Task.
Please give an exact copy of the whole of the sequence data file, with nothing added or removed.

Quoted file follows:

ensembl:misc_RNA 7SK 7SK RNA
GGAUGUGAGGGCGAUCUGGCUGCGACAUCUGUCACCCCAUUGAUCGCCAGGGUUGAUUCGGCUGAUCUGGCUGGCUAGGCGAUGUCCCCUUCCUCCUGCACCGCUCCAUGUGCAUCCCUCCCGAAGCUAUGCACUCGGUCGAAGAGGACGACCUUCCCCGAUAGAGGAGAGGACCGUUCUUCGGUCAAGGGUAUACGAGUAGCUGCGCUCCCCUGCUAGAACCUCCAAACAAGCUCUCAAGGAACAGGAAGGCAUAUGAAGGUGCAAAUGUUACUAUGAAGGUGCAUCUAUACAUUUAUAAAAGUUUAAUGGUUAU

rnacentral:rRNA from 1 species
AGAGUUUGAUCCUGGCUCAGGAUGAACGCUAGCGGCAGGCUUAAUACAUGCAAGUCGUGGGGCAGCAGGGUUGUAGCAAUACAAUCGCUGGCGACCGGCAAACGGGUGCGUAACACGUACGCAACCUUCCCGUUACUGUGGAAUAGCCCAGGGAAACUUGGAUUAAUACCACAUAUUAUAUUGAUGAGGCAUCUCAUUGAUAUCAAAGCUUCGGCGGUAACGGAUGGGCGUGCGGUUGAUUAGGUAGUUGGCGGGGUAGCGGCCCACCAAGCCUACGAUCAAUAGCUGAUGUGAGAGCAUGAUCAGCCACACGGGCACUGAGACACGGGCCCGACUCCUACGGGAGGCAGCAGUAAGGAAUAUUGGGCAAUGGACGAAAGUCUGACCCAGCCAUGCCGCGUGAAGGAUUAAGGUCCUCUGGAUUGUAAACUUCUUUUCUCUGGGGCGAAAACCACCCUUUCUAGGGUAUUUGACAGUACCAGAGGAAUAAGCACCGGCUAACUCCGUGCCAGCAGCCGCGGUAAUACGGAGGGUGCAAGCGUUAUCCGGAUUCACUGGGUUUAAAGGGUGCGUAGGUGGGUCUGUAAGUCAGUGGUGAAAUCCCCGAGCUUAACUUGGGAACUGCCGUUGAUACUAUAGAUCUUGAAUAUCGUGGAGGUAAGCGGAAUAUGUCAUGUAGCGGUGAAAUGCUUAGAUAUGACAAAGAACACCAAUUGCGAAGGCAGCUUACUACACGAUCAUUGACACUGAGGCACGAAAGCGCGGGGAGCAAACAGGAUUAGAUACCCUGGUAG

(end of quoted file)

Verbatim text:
ensembl:misc_RNA 7SK 7SK RNA
GGAUGUGAGGGCGAUCUGGCUGCGACAUCUGUCACCCCAUUGAUCGCCAGGGUUGAUUCGGCUGAUCUGGCUGGCUAGGCGAUGUCCCCUUCCUCCUGCACCGCUCCAUGUGCAUCCCUCCCGAAGCUAUGCACUCGGUCGAAGAGGACGACCUUCCCCGAUAGAGGAGAGGACCGUUCUUCGGUCAAGGGUAUACGAGUAGCUGCGCUCCCCUGCUAGAACCUCCAAACAAGCUCUCAAGGAACAGGAAGGCAUAUGAAGGUGCAAAUGUUACUAUGAAGGUGCAUCUAUACAUUUAUAAAAGUUUAAUGGUUAU

rnacentral:rRNA from 1 species
AGAGUUUGAUCCUGGCUCAGGAUGAACGCUAGCGGCAGGCUUAAUACAUGCAAGUCGUGGGGCAGCAGGGUUGUAGCAAUACAAUCGCUGGCGACCGGCAAACGGGUGCGUAACACGUACGCAACCUUCCCGUUACUGUGGAAUAGCCCAGGGAAACUUGGAUUAAUACCACAUAUUAUAUUGAUGAGGCAUCUCAUUGAUAUCAAAGCUUCGGCGGUAACGGAUGGGCGUGCGGUUGAUUAGGUAGUUGGCGGGGUAGCGGCCCACCAAGCCUACGAUCAAUAGCUGAUGUGAGAGCAUGAUCAGCCACACGGGCACUGAGACACGGGCCCGACUCCUACGGGAGGCAGCAGUAAGGAAUAUUGGGCAAUGGACGAAAGUCUGACCCAGCCAUGCCGCGUGAAGGAUUAAGGUCCUCUGGAUUGUAAACUUCUUUUCUCUGGGGCGAAAACCACCCUUUCUAGGGUAUUUGACAGUACCAGAGGAAUAAGCACCGGCUAACUCCGUGCCAGCAGCCGCGGUAAUACGGAGGGUGCAAGCGUUAUCCGGAUUCACUGGGUUUAAAGGGUGCGUAGGUGGGUCUGUAAGUCAGUGGUGAAAUCCCCGAGCUUAACUUGGGAACUGCCGUUGAUACUAUAGAUCUUGAAUAUCGUGGAGGUAAGCGGAAUAUGUCAUGUAGCGGUGAAAUGCUUAGAUAUGACAAAGAACACCAAUUGCGAAGGCAGCUUACUACACGAUCAUUGACACUGAGGCACGAAAGCGCGGGGAGCAAACAGGAUUAGAUACCCUGGUAG